However, postal officials refused to locate a post office in Wallowa City, since a town of Wallowa already existed in the county. According to lore, the local citizens held a meeting, but no names were favored until one participant declared that whatever name they selected, "it ought to be an enterprising little town anyway." Robert Stubblefield proposed the name "Enterprise," which was enthusiastically adopted. On June 14, 1888, the "Town of Enterprise" was filed and recorded.
The City of Enterprise was incorporated on February 21, 1889, by the Oregon Legislature. The first telephone in the town was installed in 1895. And on November 14, 1908, the railroad came through. The arrival of the railroad, relaxed homesteading rules, and general prosperity throughout the nation transformed Wallowa Valley - especially the town of Enterprise. Many of the new buildings were of stone. An article in the May 14, 1910 News Record, just after the completion of the new County Courthouse, described Enterprise as a "Stone City." A significant stimulus to vigorous expansion in the county seat town occurred with the arrival of the Eastern Oregon Lumber Company. In 1915, this Kansas City based firm erected a modern lumber mill within the city limits, built a logging railroad north of town, and began the harvest of a stand of timber that they estimated would keep the mill at full capacity for twenty to thirty years. The operation employed over three hundred men who, along with their families, caused the town's population to more than double in less than a decade.
The opening of the mill in November 1915 triggered the largest building boom in Enterprise History. A good many of the buildings that help define the current skyline date their beginnings from 1916-1917. The infusion of money and population created an illusion that the long-dreamed-of period of continued growth and prosperity had finally arrived. For instance, a local realtor began predicting in his advertisements that Enterprise would achieve a population of 5000 within five years while one of the building projects launched at this time was billed as the largest retail building between Boise and Portland. The laying of the cornerstone for this ambitious construction effort in particular seemed an affirmation to the promising future that beckoned. Intended to house the Enterprise Mercantile and Milling company's modern new department store, the massive three story stone structure covered most of one block and quickly became a matter of civic pride. Town boosters could not have conceived a more appropriate symbol for the optimism permeating the community. Actual completion of the building had been delayed by the war so initial occupancy did not occur until 1922. Three years later the firm found itself forced into involuntary bankruptcy.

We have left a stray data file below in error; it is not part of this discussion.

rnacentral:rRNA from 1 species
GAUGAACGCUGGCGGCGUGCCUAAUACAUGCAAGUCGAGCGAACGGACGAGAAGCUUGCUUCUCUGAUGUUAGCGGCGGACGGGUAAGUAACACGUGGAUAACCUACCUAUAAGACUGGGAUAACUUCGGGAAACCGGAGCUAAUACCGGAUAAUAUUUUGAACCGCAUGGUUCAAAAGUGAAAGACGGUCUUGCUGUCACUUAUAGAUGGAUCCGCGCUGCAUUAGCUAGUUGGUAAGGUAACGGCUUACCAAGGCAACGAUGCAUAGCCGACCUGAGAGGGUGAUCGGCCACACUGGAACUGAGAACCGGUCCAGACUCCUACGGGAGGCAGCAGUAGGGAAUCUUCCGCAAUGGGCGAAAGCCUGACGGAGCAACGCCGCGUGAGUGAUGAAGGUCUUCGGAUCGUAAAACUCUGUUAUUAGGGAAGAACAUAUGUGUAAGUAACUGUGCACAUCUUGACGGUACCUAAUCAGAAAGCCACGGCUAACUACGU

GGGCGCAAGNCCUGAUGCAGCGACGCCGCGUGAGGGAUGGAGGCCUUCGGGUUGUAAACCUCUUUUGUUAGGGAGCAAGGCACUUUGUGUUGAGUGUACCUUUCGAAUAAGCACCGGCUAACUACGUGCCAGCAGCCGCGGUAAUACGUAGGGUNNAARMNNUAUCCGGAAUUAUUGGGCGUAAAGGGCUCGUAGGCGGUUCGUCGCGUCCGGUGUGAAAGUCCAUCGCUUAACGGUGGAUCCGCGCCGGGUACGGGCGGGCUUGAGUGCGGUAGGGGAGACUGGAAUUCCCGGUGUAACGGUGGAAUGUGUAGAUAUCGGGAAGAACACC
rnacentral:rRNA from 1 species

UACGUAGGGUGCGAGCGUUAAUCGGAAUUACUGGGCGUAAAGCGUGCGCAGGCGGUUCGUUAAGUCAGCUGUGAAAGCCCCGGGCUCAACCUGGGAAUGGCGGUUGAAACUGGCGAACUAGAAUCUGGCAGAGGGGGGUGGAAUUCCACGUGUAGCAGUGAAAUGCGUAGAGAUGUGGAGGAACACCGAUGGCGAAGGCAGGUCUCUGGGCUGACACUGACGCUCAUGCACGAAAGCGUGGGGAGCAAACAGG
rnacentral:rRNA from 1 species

Towards the end of the expansionist years in Enterprise, when prosperity seemed assured, a special election was held in March 1919, passing a ballot measure establishing that the city would be responsible for paving the public areas, such as street corners, but property owners would be assessed to pay for the paving of the separate streets. A Chieftain reporter stated, "The paving already in sight will cost probably $125,000 making this the largest public work ever undertaken in the county."
By the beginning of the Great Depression, Enterprise had lost almost all of the gains in population acquired during the first two decades of the century; the population in 1930 was 1379. This sudden deflation of hopes for a thriving city seemed to prove the death knell of the enterprising spirit that had so characterized the town in its early days. For instance, the physical appearance of the entire downtown business district remains essentially the same today as it was in 1917, the population that reached its nadir in 1930 had only slightly rebounded in the past fifty-odd years, and no new industry has ever replaced the important mill. Today, trade and government are the economic mainstays of the town.